Marx and the Austrians Again

michael at SPAMecst.csuchico.edu michael at SPAMecst.csuchico.edu
Fri Sep 3 16:09:36 MDT 1999



I will stop this if there is no interest in the subject besides that
coming from Chris.  The Austrian idea is to postulate a perfectly
functioning market and then to insist that a top down centrally planned
economy cannot match that level of efficiency.

I once extended Marx's concept of fictitious capital [in my book, Marx's
Crises Theories] to show how Marx made a similar argument against the
market.

During an expansion, high expectations let prices loose their underlying
contact with values.  As a result, prices do not give their Hayek-like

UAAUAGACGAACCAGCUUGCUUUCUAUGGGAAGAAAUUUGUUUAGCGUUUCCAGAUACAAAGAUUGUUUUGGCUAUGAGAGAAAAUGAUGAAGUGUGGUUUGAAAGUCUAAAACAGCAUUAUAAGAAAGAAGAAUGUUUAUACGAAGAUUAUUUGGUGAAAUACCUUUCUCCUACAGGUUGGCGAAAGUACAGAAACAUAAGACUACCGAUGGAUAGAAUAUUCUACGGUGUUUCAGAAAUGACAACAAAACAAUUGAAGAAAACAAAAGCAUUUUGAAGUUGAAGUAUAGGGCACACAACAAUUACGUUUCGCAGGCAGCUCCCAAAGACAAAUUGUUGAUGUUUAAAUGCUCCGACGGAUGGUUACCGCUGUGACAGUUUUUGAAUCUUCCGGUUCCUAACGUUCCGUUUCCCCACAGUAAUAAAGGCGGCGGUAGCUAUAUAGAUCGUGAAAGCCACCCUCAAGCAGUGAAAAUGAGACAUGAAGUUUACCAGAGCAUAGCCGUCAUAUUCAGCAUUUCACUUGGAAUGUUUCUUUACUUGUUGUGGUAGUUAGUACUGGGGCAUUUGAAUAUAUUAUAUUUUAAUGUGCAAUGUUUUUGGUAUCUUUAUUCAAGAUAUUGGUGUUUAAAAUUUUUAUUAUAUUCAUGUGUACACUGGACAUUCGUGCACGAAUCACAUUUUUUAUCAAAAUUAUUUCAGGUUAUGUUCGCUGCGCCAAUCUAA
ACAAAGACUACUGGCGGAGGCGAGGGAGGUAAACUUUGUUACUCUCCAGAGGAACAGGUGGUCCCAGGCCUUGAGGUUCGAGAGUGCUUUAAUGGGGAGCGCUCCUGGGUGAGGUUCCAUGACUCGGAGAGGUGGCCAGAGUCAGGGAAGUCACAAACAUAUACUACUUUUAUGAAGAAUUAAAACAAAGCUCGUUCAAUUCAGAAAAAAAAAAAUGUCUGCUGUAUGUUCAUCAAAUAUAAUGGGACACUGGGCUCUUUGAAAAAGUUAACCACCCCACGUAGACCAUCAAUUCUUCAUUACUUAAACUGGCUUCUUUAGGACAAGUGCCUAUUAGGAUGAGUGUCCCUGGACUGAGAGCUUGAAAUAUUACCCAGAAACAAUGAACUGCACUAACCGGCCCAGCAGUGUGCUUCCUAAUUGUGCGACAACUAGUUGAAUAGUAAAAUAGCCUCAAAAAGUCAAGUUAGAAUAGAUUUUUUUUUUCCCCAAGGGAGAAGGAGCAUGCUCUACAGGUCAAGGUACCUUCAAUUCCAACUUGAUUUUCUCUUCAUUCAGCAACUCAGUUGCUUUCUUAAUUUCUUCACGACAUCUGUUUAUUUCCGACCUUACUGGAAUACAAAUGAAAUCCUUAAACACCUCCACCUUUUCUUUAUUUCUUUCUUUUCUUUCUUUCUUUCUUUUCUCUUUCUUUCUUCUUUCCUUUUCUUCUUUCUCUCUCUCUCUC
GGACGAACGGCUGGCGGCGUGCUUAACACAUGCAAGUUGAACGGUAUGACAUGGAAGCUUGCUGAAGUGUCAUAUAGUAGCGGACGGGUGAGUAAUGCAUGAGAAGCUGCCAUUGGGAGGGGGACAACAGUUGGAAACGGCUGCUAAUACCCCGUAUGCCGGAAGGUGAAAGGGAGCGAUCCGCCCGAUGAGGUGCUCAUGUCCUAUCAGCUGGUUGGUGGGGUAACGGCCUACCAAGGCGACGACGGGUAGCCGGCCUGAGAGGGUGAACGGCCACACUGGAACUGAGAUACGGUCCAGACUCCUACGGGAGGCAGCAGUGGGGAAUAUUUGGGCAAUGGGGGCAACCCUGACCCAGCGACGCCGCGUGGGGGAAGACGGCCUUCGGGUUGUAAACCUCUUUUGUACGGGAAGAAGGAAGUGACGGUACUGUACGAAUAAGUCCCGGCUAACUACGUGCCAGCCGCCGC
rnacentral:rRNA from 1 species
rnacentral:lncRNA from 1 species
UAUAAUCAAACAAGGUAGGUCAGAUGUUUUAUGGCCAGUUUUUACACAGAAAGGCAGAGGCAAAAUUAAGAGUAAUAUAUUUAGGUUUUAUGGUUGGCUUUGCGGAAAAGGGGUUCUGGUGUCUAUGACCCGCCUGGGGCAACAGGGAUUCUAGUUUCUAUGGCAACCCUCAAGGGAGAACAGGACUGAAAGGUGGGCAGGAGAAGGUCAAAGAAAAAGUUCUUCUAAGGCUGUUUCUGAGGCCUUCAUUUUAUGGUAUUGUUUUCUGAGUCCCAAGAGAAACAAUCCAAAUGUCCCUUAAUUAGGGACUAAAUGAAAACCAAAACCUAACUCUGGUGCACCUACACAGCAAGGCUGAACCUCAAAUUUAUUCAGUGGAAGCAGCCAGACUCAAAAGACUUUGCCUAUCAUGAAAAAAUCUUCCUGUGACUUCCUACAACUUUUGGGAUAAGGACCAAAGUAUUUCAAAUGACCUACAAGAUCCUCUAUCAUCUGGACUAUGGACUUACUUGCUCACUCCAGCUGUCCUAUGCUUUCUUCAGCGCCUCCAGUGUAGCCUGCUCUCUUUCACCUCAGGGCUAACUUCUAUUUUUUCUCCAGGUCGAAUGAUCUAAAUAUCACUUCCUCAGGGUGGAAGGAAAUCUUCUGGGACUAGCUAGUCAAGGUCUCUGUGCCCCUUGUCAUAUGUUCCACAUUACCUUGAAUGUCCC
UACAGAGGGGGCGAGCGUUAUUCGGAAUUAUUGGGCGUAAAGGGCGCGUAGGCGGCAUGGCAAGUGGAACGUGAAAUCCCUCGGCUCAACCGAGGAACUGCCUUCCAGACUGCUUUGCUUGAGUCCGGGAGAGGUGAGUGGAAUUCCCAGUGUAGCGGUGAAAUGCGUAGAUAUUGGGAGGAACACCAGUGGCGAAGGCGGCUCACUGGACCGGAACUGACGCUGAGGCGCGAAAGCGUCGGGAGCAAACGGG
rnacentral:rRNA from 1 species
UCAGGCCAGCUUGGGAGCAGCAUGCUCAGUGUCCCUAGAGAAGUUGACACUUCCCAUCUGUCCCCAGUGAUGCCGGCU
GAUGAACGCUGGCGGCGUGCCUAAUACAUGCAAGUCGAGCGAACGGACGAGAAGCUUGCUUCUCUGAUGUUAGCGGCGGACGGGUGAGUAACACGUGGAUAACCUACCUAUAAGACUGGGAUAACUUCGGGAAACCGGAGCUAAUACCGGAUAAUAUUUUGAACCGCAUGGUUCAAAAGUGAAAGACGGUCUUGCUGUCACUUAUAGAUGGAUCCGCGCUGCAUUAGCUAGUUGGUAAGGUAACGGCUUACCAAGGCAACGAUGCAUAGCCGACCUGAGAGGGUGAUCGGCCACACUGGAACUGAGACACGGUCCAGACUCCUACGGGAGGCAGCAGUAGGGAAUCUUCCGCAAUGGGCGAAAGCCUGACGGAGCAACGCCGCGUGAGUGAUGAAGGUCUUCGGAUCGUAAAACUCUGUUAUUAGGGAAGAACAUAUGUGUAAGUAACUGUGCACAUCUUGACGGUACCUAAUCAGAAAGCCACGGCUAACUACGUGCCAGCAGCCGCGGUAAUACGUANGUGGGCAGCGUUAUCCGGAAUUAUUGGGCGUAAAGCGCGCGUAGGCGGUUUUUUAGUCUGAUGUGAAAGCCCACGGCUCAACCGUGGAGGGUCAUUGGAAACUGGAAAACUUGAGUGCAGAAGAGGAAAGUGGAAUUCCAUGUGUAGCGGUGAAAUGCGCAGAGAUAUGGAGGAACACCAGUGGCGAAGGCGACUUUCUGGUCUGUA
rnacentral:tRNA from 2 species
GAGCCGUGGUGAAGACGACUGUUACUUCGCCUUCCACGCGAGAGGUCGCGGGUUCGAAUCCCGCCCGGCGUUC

signals to business, but instead mislead firms -- just as the Austrians
would say that central planning misleads the economy.

Evenually, this disconnect between prices and values [under ideal
conditions they would not be equal, but would bear a rough similarity]
leads to a crisis, which can either destroy the system or re-establish the
connection between prices and values.
 --
Michael Perelman
Economics Department
California State University
Chico, CA 95929

Tel. 530-898-5321
E-Mail michael at ecst.csuchico.edu









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